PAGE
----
Charitable political contributions
The Chron looks at a gray area of political contributions.
For the contractors and lobbyists whose public business rides on the trust and goodwill of politicians, it is no secret that campaign giving is a high-stakes game.
At Harris County Commissioners Court, campaign donations of $5,000 or more come along as often as hot days in a Texas summer. So, donors looking to stand apart from the throngs of high-dollar givers have found another way to make their generosity known: charity.
Over the years, county commissioners have helped local charities raise millions, at times tapping the same donors who fuel their political campaigns. But whereas campaign contributions are public record, donations to most charities are not.
Donors have said they open their wallets to worthwhile causes no matter who runs them. But campaign watchdogs argue that contributing to politicians' pet charities shelters donors from public scrutiny -- an attractive benefit for those who want to earn political favor without having their largesse exposed to watchdogs and competitors.
All four commissioners -- El Franco Lee, Sylvia Garcia, Steve Radack and Jerry Eversole -- have close ties to area charities, in some cases running their own using county staff.
Tommy Kuykendall Jr., president of the Houston branch of the American Society of Civil Engineers, said a desire to give back to the community is the sole motivation behind the vast majority of charitable gifts from engineering firms. He questioned how donating to a national organization, such as the Leukemia and Lymphoma Society, would benefit an officeholder, but acknowledged that lines between charities and politics can become blurred.
"I don't know if I can give a good answer -- OK, this is the exact line, once you cross it, you're done," he said. "Because there are a lot of good things that need to be supported."
Well, here's one place
for that line to be drawn. There's nothing in this story remotely as egregious as that, but it does show what the possibilities are, and why some folks have these concerns. I guess if it were up to me, I'd say if 1) an elected official or a member of an elected official's immediate family - spouse, child, parent, or sibling - serves on the board of a charity; 2) if as noted in the story, a charity was founded by an elected official and/or is run by that official's staff, or; 3) a fundraiser for a charity was organized or hosted by an elected official, then any contributions to that charity must be disclosed in the same manner as a political contribution. Actually, I think it would be perfectly reasonable to only require such disclosure for contributions above a certain amount, say $1000. Of course, all this would require the charities to do more paperwork, and it's unclear what the best course of action for enforcing these rules would be in the event of a screwup with said paperwork - do you fine the charity? Would the TEC even have the authority to do that? Would you fine the elected official, even if the screwup was by the charity? So maybe this is only a good idea in theory. But I do think it's worth talking about, because the potential for abuse by the truly unscrupulous is there. What do you think?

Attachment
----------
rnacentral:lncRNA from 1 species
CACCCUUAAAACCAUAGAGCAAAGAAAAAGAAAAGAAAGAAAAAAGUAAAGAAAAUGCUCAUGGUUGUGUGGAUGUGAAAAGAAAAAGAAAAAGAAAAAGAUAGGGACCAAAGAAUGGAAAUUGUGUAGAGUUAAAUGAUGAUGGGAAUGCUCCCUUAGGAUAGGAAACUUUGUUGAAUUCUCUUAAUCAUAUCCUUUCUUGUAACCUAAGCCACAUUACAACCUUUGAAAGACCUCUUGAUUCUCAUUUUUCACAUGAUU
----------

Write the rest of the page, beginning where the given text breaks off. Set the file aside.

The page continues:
Posted by Charles Kuffner on July 28, 2008 to Local politics
Re: charities and officeholders
For an officeholder, a 501(c)(3) of one's own allows invaluable personal exposure with donated funds. It's an add-on PR fund that's twice blessed. There's the face time at events, some of them haute society, and "goodness" factor--being seen to lead the way to curing disease, addressing illiteracy, or saving the planet.
At the family level, it can mean a job for a relative or loved on in a genteel, not-so-challenging environment.
For the Party of the First Part (the politician), it is free travel, entertainment, and (based upon the purpose of the non-profit, an opportunity to pursue personal passions (arts, outdoors, sports, travel).
Here's how one hand can wash the other: The 501(c)(3), to be tax-exempt, needs to raise money from public or community donors. Hey! That money raised from "the public" comes from campaign donations. This filtering process means that I might donate to politician A (who might represent my interests in park development) only to have the politician donate money to a charity that is pushing a hospital where I thought a nature preserve ought to be.
Methinks the line between tax-exempt organizations and taxpayer-supported politicians ought to be shiny bright. Instead, it is obscure.